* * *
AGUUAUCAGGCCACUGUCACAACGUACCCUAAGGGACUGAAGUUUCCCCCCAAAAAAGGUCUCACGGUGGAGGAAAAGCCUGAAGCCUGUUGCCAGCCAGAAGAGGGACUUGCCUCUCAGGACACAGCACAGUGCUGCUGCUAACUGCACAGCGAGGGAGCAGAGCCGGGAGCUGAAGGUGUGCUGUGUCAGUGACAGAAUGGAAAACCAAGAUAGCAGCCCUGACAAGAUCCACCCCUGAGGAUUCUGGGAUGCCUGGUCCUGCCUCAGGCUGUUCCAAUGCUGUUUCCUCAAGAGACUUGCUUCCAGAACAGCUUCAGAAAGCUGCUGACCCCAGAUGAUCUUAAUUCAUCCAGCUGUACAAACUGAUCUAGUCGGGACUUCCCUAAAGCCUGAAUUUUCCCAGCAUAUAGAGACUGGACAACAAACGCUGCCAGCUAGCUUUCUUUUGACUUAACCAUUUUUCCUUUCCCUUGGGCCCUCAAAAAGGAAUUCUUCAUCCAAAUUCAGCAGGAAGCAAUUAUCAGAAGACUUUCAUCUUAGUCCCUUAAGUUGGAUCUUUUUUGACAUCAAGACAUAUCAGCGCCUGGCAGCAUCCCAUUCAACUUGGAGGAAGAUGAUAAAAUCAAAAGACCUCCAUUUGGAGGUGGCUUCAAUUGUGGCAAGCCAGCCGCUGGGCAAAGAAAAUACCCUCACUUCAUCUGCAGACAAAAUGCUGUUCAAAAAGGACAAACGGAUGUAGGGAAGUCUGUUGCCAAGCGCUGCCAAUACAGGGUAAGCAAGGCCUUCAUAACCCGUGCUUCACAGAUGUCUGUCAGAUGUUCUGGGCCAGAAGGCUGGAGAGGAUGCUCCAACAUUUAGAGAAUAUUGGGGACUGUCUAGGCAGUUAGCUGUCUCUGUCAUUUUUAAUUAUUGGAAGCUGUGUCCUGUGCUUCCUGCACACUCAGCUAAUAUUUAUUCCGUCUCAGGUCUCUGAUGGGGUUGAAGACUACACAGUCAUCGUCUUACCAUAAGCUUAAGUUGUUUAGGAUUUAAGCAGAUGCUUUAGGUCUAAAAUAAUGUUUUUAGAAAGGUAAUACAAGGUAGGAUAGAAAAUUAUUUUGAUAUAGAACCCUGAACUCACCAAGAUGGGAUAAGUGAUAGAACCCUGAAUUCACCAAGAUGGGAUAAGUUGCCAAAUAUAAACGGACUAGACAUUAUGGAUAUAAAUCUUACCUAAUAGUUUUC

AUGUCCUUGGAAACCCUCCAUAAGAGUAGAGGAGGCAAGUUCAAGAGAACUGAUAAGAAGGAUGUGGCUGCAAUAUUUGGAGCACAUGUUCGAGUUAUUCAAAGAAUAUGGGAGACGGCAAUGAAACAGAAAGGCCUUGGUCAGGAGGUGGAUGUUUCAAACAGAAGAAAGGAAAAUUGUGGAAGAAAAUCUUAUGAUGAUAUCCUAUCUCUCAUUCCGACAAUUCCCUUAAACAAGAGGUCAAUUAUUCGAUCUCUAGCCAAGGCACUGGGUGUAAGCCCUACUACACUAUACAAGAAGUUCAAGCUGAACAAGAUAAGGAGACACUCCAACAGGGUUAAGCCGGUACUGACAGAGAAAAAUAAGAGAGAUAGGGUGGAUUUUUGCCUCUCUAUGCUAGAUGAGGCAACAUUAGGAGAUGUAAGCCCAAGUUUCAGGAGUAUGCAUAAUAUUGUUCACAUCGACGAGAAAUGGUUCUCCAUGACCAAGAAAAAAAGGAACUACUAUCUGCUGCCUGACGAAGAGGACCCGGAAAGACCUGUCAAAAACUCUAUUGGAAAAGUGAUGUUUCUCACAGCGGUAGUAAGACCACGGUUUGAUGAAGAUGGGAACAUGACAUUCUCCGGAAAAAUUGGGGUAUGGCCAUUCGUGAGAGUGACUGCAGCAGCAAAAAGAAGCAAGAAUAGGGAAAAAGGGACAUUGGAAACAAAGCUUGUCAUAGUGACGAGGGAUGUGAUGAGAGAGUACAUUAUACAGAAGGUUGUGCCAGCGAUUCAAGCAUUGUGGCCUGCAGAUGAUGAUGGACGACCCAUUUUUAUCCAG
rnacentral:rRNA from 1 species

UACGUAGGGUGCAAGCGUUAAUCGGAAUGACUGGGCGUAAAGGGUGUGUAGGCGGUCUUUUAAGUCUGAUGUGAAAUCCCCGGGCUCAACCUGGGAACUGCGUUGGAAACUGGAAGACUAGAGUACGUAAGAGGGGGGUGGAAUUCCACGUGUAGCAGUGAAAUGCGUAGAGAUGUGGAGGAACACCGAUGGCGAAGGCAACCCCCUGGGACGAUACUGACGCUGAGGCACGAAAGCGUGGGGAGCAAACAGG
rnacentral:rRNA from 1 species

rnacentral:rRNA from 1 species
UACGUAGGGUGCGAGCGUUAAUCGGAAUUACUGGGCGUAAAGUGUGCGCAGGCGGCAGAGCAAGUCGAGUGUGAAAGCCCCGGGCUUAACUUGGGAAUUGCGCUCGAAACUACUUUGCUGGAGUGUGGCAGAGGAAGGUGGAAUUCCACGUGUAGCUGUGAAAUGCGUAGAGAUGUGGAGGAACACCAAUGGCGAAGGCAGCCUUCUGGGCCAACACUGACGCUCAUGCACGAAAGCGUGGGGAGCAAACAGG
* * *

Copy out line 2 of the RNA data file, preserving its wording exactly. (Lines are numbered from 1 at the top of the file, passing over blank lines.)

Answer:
AUGUCCUUGGAAACCCUCCAUAAGAGUAGAGGAGGCAAGUUCAAGAGAACUGAUAAGAAGGAUGUGGCUGCAAUAUUUGGAGCACAUGUUCGAGUUAUUCAAAGAAUAUGGGAGACGGCAAUGAAACAGAAAGGCCUUGGUCAGGAGGUGGAUGUUUCAAACAGAAGAAAGGAAAAUUGUGGAAGAAAAUCUUAUGAUGAUAUCCUAUCUCUCAUUCCGACAAUUCCCUUAAACAAGAGGUCAAUUAUUCGAUCUCUAGCCAAGGCACUGGGUGUAAGCCCUACUACACUAUACAAGAAGUUCAAGCUGAACAAGAUAAGGAGACACUCCAACAGGGUUAAGCCGGUACUGACAGAGAAAAAUAAGAGAGAUAGGGUGGAUUUUUGCCUCUCUAUGCUAGAUGAGGCAACAUUAGGAGAUGUAAGCCCAAGUUUCAGGAGUAUGCAUAAUAUUGUUCACAUCGACGAGAAAUGGUUCUCCAUGACCAAGAAAAAAAGGAACUACUAUCUGCUGCCUGACGAAGAGGACCCGGAAAGACCUGUCAAAAACUCUAUUGGAAAAGUGAUGUUUCUCACAGCGGUAGUAAGACCACGGUUUGAUGAAGAUGGGAACAUGACAUUCUCCGGAAAAAUUGGGGUAUGGCCAUUCGUGAGAGUGACUGCAGCAGCAAAAAGAAGCAAGAAUAGGGAAAAAGGGACAUUGGAAACAAAGCUUGUCAUAGUGACGAGGGAUGUGAUGAGAGAGUACAUUAUACAGAAGGUUGUGCCAGCGAUUCAAGCAUUGUGGCCUGCAGAUGAUGAUGGACGACCCAUUUUUAUCCAG